Such images and articles create a social narrative that tells women can earn the right to love their bodies if they have borne children (presumably because childbirth is touted as some altruistic universal moral imperative). But, like many women, I’ve had stretch marks since I was a child. Am I supposed to hate myself for healthy pubescent growth? This narrative makes it very clear that I have not earned the right to body acceptance until I’ve fulfilled my role as broodmare.

Lest you think I’m making this up and looking for reasons to be offended, let me quote Tanis Jex-Blake in an article profiling her as one of these stretch-mark mommies who dared to stand up for herself:

I'm sorry if my first attempt at sun tanning in a bikini in public in 13 years “grossed you out”. I’m sorry that my stomach isn't flat and tight. I'm sorry that my belly is covered in stretch marks. I’m NOT sorry that my body has housed, grown, protected, birthed and nurtured FIVE fabulous, healthy, intelligent and wonderful human beings. I’m sorry if my 33 year old, 125 lb body offended you so much that you felt that pointing, laughing, and pretending to kick me. But I’ll have you know that as I looked at your ‘perfect’ young bodies, I could only think to myself “what great and amazing feat has YOUR body done?”. I’ll also have you know that I held my head high, unflinching as you mocked me, pretending that what you said and did had no effect on me; but I cried in the car on the drive home. Thanks for ruining my day. It’s people like you who make this world an ugly hateful place. I can’t help but feel sorry for the women who will one day bear your children and become “gross” in your eyes as their bodies change during the miraculous process of pregnancy. I can only hope that one day you’ll realize that my battle scars are something to be proud of, not ashamed of. 
Jex-Blake was openly mocked on the beach, which is shitty, but so is putting down others to prop yourself up.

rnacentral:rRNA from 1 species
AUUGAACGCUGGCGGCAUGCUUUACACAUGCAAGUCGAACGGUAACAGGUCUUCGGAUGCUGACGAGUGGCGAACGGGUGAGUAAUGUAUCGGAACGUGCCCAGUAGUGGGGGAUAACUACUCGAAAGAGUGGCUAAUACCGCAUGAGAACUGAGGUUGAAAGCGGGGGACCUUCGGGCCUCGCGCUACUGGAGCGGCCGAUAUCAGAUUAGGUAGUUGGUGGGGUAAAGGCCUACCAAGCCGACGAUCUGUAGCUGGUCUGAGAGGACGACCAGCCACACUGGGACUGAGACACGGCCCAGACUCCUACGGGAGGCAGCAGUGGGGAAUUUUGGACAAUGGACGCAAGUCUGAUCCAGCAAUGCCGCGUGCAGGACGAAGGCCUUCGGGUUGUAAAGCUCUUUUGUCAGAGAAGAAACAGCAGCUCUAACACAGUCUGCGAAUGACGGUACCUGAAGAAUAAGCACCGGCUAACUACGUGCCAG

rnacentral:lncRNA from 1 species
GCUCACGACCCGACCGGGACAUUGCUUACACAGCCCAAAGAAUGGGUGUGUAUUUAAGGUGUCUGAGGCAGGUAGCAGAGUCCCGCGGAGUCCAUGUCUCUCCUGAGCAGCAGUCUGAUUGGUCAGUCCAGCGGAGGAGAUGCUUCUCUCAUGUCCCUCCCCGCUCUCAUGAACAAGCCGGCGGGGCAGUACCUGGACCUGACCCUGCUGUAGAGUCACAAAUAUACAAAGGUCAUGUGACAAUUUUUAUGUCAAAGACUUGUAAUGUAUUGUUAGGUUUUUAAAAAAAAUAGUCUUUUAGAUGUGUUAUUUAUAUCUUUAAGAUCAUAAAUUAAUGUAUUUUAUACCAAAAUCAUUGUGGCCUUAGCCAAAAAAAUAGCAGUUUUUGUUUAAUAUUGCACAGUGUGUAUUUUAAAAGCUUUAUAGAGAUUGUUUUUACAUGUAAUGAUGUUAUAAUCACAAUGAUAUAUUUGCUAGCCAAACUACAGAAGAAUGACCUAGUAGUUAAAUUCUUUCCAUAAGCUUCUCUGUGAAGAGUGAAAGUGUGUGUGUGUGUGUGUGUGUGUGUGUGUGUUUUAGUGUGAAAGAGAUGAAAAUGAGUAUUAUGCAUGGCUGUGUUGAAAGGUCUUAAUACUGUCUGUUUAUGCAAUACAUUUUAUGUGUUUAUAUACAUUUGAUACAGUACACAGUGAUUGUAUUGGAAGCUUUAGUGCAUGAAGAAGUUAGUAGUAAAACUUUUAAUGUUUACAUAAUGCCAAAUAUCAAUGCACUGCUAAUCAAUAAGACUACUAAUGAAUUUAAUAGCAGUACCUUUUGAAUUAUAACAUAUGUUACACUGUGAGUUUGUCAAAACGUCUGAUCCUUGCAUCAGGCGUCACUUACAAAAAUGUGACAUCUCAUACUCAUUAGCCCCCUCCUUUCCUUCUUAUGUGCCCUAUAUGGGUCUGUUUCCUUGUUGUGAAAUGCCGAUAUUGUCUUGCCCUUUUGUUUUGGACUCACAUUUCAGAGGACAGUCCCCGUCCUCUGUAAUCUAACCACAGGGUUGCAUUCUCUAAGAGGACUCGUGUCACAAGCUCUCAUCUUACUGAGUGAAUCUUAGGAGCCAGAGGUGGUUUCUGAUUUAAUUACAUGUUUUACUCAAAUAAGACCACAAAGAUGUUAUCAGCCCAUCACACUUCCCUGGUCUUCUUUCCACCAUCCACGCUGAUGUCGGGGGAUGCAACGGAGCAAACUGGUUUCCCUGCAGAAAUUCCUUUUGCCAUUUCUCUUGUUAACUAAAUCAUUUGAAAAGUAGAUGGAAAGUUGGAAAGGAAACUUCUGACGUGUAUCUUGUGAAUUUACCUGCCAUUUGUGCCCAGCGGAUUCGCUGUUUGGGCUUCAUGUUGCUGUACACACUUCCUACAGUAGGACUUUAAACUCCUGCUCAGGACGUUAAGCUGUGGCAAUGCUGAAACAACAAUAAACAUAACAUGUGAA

“But I’ll have you know that as I looked at your ‘perfect’ young bodies, I could only think to myself ‘what great and amazing feat has YOUR body done?’”
You know what my young body has done? Not that body positivity or human worth are in any way dependent on individual accomplishments or others’ opinions, but my body has overcome literally crippling knee pain and persistent depression to run three half marathons, a 15-mile obstacle course, and a few score other races; raised thousands of dollars for local and global charities; and used its privilege to promote body positivity without restrictions while inspiring dozens of others to feel and do the same. Not to mention that it’s spent fully half its life suffering incessant expectations and explicit wheedling for grandbabies without regard for bodily autonomy or health, largely thanks to people like Jex-Blake who perpetuate the idea the childbearing is the single worthiest thing a woman do to validate her existence in this world.

Our society’s obsession with women’s ability to bear children as their primary purpose in life overlooks entirely those women who’ve miscarried and lost children, who are infertile, and who are transgender. Messages that tell women they’re only worthy or useful as mothers are deeply harmful.

Womb-worship aside, this “earn your stripes” narrative relies both on fat shaming and objectification by expressing pride exclusively in young, skinny, white women’s hips and stomachs.

Another viral stretch-mark image comes from Rachel Hollis (also slender, young, and white) with what’s described by supporters as an “inspiring” caption she wrote: